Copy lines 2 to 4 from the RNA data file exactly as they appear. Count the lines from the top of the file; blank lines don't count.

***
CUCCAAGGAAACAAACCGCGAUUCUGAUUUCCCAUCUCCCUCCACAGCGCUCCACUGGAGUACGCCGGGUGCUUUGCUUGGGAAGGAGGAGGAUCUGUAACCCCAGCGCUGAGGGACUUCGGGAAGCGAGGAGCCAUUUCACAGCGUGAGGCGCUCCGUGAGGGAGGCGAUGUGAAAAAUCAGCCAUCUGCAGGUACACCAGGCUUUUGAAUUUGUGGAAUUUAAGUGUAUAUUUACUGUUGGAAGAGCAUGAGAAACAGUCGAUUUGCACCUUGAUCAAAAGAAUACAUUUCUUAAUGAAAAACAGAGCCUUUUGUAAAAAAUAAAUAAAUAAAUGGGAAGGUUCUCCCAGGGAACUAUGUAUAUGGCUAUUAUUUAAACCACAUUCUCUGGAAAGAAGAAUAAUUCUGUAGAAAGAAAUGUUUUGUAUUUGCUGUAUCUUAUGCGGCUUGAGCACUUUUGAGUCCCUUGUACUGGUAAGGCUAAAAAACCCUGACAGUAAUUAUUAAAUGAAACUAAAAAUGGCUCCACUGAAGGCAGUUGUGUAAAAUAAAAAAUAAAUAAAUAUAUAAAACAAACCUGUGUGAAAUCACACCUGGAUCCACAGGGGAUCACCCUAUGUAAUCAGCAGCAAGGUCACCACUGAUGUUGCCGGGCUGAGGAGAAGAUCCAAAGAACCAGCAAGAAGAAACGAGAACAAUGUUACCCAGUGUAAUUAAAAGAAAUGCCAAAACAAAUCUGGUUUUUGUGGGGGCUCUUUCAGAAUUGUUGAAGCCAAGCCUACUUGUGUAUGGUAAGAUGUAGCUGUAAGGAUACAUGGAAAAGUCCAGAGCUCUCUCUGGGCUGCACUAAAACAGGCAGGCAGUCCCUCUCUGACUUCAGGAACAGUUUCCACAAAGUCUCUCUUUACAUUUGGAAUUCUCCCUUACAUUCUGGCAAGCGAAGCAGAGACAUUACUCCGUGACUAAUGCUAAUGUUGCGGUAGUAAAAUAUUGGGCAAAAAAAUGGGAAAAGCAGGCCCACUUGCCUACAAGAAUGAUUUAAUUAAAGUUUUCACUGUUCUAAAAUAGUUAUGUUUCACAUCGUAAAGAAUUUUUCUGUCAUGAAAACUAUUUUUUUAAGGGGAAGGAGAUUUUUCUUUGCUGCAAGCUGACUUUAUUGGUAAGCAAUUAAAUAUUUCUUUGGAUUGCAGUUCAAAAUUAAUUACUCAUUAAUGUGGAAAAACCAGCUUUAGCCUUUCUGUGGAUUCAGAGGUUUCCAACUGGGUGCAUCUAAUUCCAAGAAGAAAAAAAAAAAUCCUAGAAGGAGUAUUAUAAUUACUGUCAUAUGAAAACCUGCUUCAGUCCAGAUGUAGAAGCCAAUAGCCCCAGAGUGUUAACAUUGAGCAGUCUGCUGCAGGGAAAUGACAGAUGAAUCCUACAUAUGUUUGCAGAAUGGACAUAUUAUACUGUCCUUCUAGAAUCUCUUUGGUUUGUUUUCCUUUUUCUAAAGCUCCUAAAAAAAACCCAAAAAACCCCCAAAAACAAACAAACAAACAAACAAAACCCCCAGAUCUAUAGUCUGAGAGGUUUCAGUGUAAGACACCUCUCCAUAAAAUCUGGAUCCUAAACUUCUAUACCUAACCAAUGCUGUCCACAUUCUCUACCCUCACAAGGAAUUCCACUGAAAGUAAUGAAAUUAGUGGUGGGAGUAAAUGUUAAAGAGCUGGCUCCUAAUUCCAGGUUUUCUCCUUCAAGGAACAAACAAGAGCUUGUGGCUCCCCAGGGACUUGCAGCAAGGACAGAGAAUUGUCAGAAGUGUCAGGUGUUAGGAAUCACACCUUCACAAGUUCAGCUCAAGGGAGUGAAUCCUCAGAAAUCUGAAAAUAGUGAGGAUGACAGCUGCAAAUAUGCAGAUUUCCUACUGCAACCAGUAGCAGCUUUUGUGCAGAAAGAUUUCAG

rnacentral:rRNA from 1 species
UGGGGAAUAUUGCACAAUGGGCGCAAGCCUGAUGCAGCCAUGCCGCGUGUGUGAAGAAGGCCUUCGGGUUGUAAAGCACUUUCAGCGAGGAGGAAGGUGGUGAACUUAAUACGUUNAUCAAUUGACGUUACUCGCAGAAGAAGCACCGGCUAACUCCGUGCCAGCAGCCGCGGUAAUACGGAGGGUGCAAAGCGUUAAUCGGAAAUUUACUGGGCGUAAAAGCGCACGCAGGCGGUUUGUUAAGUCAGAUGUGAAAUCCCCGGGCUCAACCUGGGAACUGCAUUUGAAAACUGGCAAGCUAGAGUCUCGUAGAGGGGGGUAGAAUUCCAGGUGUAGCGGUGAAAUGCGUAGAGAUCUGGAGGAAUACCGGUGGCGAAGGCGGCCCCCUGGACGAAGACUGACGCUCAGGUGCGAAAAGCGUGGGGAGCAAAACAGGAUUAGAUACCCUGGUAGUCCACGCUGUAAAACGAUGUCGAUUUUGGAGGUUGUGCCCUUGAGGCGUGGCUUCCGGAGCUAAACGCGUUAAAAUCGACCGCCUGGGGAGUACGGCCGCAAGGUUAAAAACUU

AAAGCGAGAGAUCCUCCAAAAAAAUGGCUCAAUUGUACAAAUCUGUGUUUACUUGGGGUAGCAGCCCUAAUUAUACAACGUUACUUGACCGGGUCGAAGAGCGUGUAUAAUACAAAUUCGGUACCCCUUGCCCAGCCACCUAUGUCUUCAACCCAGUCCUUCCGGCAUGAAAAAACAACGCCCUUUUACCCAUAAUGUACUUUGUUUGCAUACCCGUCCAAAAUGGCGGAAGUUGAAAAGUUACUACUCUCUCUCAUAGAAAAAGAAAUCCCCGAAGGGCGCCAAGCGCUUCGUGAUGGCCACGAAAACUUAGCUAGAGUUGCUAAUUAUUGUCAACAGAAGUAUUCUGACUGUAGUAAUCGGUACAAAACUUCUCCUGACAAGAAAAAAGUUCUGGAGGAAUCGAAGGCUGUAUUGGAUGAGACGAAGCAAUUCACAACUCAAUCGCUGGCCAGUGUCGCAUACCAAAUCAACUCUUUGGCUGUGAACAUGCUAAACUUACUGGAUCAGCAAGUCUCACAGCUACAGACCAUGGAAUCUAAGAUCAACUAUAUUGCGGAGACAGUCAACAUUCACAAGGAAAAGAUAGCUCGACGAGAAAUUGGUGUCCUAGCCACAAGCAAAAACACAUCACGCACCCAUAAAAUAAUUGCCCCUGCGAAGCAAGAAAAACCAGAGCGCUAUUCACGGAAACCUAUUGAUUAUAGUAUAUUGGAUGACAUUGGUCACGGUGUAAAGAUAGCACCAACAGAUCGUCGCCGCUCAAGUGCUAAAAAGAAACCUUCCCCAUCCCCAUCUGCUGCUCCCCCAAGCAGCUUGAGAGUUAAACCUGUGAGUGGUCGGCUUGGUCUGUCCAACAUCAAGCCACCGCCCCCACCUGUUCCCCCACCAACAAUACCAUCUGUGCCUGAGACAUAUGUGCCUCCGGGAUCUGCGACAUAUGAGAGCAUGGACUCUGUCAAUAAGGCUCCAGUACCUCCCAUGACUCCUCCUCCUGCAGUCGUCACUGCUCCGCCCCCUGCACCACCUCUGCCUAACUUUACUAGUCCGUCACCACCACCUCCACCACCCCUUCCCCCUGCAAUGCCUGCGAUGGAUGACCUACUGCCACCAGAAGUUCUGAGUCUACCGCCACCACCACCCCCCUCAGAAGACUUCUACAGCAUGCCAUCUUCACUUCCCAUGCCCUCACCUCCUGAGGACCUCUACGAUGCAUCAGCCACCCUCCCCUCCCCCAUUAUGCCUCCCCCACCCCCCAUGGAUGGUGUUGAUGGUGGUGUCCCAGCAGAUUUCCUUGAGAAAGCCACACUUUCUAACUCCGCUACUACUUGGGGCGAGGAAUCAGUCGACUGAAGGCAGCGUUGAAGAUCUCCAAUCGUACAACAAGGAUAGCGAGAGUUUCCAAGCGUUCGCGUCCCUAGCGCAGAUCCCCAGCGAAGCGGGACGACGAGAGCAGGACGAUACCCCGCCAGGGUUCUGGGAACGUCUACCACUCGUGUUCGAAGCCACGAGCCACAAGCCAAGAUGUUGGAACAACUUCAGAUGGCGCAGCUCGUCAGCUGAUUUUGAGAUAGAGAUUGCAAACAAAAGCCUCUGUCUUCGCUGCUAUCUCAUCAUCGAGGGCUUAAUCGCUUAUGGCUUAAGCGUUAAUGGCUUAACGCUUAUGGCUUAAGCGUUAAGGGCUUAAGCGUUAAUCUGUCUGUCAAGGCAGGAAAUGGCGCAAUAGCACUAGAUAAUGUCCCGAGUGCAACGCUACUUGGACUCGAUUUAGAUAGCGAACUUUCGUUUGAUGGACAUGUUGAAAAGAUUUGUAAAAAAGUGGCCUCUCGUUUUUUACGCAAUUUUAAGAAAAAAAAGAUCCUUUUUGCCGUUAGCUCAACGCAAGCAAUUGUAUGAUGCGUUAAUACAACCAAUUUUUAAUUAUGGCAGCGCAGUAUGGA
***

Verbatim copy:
rnacentral:rRNA from 1 species
UGGGGAAUAUUGCACAAUGGGCGCAAGCCUGAUGCAGCCAUGCCGCGUGUGUGAAGAAGGCCUUCGGGUUGUAAAGCACUUUCAGCGAGGAGGAAGGUGGUGAACUUAAUACGUUNAUCAAUUGACGUUACUCGCAGAAGAAGCACCGGCUAACUCCGUGCCAGCAGCCGCGGUAAUACGGAGGGUGCAAAGCGUUAAUCGGAAAUUUACUGGGCGUAAAAGCGCACGCAGGCGGUUUGUUAAGUCAGAUGUGAAAUCCCCGGGCUCAACCUGGGAACUGCAUUUGAAAACUGGCAAGCUAGAGUCUCGUAGAGGGGGGUAGAAUUCCAGGUGUAGCGGUGAAAUGCGUAGAGAUCUGGAGGAAUACCGGUGGCGAAGGCGGCCCCCUGGACGAAGACUGACGCUCAGGUGCGAAAAGCGUGGGGAGCAAAACAGGAUUAGAUACCCUGGUAGUCCACGCUGUAAAACGAUGUCGAUUUUGGAGGUUGUGCCCUUGAGGCGUGGCUUCCGGAGCUAAACGCGUUAAAAUCGACCGCCUGGGGAGUACGGCCGCAAGGUUAAAAACUU

AAAGCGAGAGAUCCUCCAAAAAAAUGGCUCAAUUGUACAAAUCUGUGUUUACUUGGGGUAGCAGCCCUAAUUAUACAACGUUACUUGACCGGGUCGAAGAGCGUGUAUAAUACAAAUUCGGUACCCCUUGCCCAGCCACCUAUGUCUUCAACCCAGUCCUUCCGGCAUGAAAAAACAACGCCCUUUUACCCAUAAUGUACUUUGUUUGCAUACCCGUCCAAAAUGGCGGAAGUUGAAAAGUUACUACUCUCUCUCAUAGAAAAAGAAAUCCCCGAAGGGCGCCAAGCGCUUCGUGAUGGCCACGAAAACUUAGCUAGAGUUGCUAAUUAUUGUCAACAGAAGUAUUCUGACUGUAGUAAUCGGUACAAAACUUCUCCUGACAAGAAAAAAGUUCUGGAGGAAUCGAAGGCUGUAUUGGAUGAGACGAAGCAAUUCACAACUCAAUCGCUGGCCAGUGUCGCAUACCAAAUCAACUCUUUGGCUGUGAACAUGCUAAACUUACUGGAUCAGCAAGUCUCACAGCUACAGACCAUGGAAUCUAAGAUCAACUAUAUUGCGGAGACAGUCAACAUUCACAAGGAAAAGAUAGCUCGACGAGAAAUUGGUGUCCUAGCCACAAGCAAAAACACAUCACGCACCCAUAAAAUAAUUGCCCCUGCGAAGCAAGAAAAACCAGAGCGCUAUUCACGGAAACCUAUUGAUUAUAGUAUAUUGGAUGACAUUGGUCACGGUGUAAAGAUAGCACCAACAGAUCGUCGCCGCUCAAGUGCUAAAAAGAAACCUUCCCCAUCCCCAUCUGCUGCUCCCCCAAGCAGCUUGAGAGUUAAACCUGUGAGUGGUCGGCUUGGUCUGUCCAACAUCAAGCCACCGCCCCCACCUGUUCCCCCACCAACAAUACCAUCUGUGCCUGAGACAUAUGUGCCUCCGGGAUCUGCGACAUAUGAGAGCAUGGACUCUGUCAAUAAGGCUCCAGUACCUCCCAUGACUCCUCCUCCUGCAGUCGUCACUGCUCCGCCCCCUGCACCACCUCUGCCUAACUUUACUAGUCCGUCACCACCACCUCCACCACCCCUUCCCCCUGCAAUGCCUGCGAUGGAUGACCUACUGCCACCAGAAGUUCUGAGUCUACCGCCACCACCACCCCCCUCAGAAGACUUCUACAGCAUGCCAUCUUCACUUCCCAUGCCCUCACCUCCUGAGGACCUCUACGAUGCAUCAGCCACCCUCCCCUCCCCCAUUAUGCCUCCCCCACCCCCCAUGGAUGGUGUUGAUGGUGGUGUCCCAGCAGAUUUCCUUGAGAAAGCCACACUUUCUAACUCCGCUACUACUUGGGGCGAGGAAUCAGUCGACUGAAGGCAGCGUUGAAGAUCUCCAAUCGUACAACAAGGAUAGCGAGAGUUUCCAAGCGUUCGCGUCCCUAGCGCAGAUCCCCAGCGAAGCGGGACGACGAGAGCAGGACGAUACCCCGCCAGGGUUCUGGGAACGUCUACCACUCGUGUUCGAAGCCACGAGCCACAAGCCAAGAUGUUGGAACAACUUCAGAUGGCGCAGCUCGUCAGCUGAUUUUGAGAUAGAGAUUGCAAACAAAAGCCUCUGUCUUCGCUGCUAUCUCAUCAUCGAGGGCUUAAUCGCUUAUGGCUUAAGCGUUAAUGGCUUAACGCUUAUGGCUUAAGCGUUAAGGGCUUAAGCGUUAAUCUGUCUGUCAAGGCAGGAAAUGGCGCAAUAGCACUAGAUAAUGUCCCGAGUGCAACGCUACUUGGACUCGAUUUAGAUAGCGAACUUUCGUUUGAUGGACAUGUUGAAAAGAUUUGUAAAAAAGUGGCCUCUCGUUUUUUACGCAAUUUUAAGAAAAAAAAGAUCCUUUUUGCCGUUAGCUCAACGCAAGCAAUUGUAUGAUGCGUUAAUACAACCAAUUUUUAAUUAUGGCAGCGCAGUAUGGA